WB funds $99.3M agri projects

By Mico Agustin

TO improve farmers’ competitiveness and make their products more accessible to their intended markets, the World Bank has shelled out around $99.3M to partly finance projects that would support the said initiatives.

In a statement, WB confirmed that they already approved the said amount to fill in the $231M Inclusive Partnerships for Agricultural Competitiveness (IPAC) project by the Department of Agrarian Reform (DAR).

The program is expected to benefit some 300,000 farmers and farm workers in 44 provinces across the country, which will support the efforts of farmer organizations to improve productivity and the quality of products, as well as find more markets in order to raise farmers’ incomes.

“The project, to be rolled out among agrarian reform community clusters across 44 provinces, will also help strengthen the capacity of farmer organizations to engage in commercial agriculture, provide extension services, develop enterprises, secure individual land titles for their members, and improve rural infrastructure,” the World Bank said.

The provinces that will benefit from the funding include Abra, Aklan, Albay, Bataan, Basilan, Batangas, Benguet, Bohol, Bulacan, Cagayan, Camarines Norte, Camarines Sur, Capiz and Cebu.

Also on the list are Davao del Norte, Davao Oriental, Eastern Samar, Ilocos Norte, Ilocos Sur, Iloilo, Isabela, La Union, Lanao del Sur, Leyte, Maguindanao, Marinduque, Masbate, Misamis Occidental, Negros Occidental, Negros Oriental, Northern Samar, Sarangani, Nueva Ecija, Nueva Viscaya, Occidental Mindoro, Oriental Mindoro, Palawan, Pampanga, Pangasinan, Quezon, Sorsogon, Tarlac, Western Samar and Zambales.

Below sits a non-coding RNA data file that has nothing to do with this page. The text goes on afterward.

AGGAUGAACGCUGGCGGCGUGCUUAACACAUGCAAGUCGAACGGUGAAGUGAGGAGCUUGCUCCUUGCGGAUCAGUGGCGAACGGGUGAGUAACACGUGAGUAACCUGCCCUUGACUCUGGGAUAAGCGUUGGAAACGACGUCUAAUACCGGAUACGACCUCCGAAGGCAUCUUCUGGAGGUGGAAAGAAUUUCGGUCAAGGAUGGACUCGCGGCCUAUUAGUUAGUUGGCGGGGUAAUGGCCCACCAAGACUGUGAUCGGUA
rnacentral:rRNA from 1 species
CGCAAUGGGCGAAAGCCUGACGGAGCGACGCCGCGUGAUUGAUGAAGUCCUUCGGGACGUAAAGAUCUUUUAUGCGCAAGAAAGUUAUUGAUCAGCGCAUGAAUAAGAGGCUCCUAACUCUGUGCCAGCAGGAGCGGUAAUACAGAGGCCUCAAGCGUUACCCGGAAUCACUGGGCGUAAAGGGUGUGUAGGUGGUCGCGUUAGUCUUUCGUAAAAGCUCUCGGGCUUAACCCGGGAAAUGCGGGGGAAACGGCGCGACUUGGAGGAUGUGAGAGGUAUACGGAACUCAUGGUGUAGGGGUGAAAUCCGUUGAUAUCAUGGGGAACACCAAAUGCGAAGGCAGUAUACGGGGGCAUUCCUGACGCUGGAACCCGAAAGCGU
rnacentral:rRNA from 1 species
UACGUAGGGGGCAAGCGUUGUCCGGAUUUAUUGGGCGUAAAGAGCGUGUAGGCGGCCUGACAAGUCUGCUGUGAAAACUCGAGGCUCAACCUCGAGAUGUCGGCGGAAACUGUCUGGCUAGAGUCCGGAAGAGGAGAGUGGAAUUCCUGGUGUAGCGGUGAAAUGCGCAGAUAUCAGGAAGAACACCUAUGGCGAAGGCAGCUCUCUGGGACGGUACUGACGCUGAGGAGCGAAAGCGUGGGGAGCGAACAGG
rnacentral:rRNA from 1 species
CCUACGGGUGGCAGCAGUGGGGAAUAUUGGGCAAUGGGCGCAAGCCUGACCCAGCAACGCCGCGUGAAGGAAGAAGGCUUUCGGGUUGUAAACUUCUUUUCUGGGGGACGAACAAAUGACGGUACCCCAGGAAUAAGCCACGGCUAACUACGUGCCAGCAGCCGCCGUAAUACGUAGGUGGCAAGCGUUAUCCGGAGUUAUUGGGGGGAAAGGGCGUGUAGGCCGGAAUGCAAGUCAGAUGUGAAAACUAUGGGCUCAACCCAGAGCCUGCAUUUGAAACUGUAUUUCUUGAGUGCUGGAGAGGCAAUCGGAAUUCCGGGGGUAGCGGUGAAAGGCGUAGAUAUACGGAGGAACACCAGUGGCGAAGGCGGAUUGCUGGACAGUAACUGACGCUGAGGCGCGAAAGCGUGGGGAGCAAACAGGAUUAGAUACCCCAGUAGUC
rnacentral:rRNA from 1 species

“Through the project, farmers and other beneficiaries will be able to directly identify and implement activities that will empower them to improve their lives. As a long-term partner of the Philippines, the World Bank supports the country’s efforts to develop a competitive farming sector that may bring down poverty and vulnerability in rural areas,” said Mara Warwick, World Bank country director for the Philippines.

Meanwhile, DAR Secretary Rafael Mariano said that DAR’s program initially gives lands to landless farmers, but wants to be ‘more than’ just that.

“Through the farmer-driven matching grants, IPAC will strengthen our efforts to help small-holder farmers and their organizations engage in sustainable agri-enterprise projects. This will raise their incomes and help them become self-reliant,” Mariano said.

The Washington-based multilateral lender  also said that the matching grants that will be channeled via farmers’ groups will fund construction of production facilities (such as green houses and nurseries), processing and marketing facilities, product development, production of high-value agricultural products, and promotion of food safety.

World Bank documents showed that the loan will mature in 25 years, with a grace period of 10 years.

IPAC was among the nine projects approved by the National Economic and Development Authority (NEDA) Board, chaired by the President, during its first meeting under the Duterte administration last September.

According to NEDA, IPAC will focus on developing agribusiness synergies in financially-viable production of copra, organic and low-chem rice, cacao, cassava, coffee, oil palm, Muscovado sugar, abaca, and rubber.

The Philippine government and the beneficiaries would also contribute $131 million and $28 million, respectively, in the project.

The DAR-led project will also be financed by the government with $131 million, as well as other beneficiaries with $28 million.

 

 

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Thursday, 19 October 2017
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